To perform up to your full potential, you need to be aware of your concentration strengths, and relative weaknesses. You can begin that assessment process by answering the following questions as honestly as you can.
When it comes to being aware of things going on in the world around, to quickly reading and instinctively reacting to the moves and feelings of others, I am more capable than ____% of the people I know.
When it comes to analyzing and problem solving, to developing new and creative ideas, and/or ways of doing things, I am more capable than ____% of the people I know.
When it comes to narrowing my attention on a single task, to sticking with a project in order to polish and/or perfect it, I am more capable than ____% of the people I know.
Few people are equally skilled in all areas. World record holders score highest on the item measuring narrowing and focusing concentration (85th percentile). In contrast, CEO's score themselves at the 50th percentile when it comes to narrowing, and at the 85th percentile on the analyzing and planning item. The greater the discrepancy between your scores in these three areas the more important it will be for you to find a performance arena that plays to your highest score.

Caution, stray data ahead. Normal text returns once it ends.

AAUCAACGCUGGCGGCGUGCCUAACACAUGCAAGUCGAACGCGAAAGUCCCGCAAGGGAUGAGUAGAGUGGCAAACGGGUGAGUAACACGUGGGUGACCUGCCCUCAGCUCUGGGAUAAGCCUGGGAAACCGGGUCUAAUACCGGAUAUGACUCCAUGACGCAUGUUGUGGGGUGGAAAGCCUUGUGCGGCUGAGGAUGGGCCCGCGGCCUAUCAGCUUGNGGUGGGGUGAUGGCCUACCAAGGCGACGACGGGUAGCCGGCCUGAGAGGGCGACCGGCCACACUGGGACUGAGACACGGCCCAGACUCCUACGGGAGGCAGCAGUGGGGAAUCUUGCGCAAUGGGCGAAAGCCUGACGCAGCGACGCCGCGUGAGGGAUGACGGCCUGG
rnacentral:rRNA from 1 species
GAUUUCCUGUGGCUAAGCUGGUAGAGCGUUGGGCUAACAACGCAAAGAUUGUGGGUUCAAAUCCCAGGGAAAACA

If you happen to be one of those rare people who sees him or herself as equally skilled in all areas, you may need to examine how you spend most of your time in order to identify your concentration strengths and weaknesses. You can do this in the following way:
Take a moment to think about a typical day and try and estimate the amount of time you spend concentrating in the three different ways that I've described. The total for your three answers should add up to 100 percent.
On a typical day I spend ____% of my time reacting to the world around me.
On a typical day I spend ____% of my time analyzing and planning.
On a typical day I spend ____% of my time polishing things and attending to details.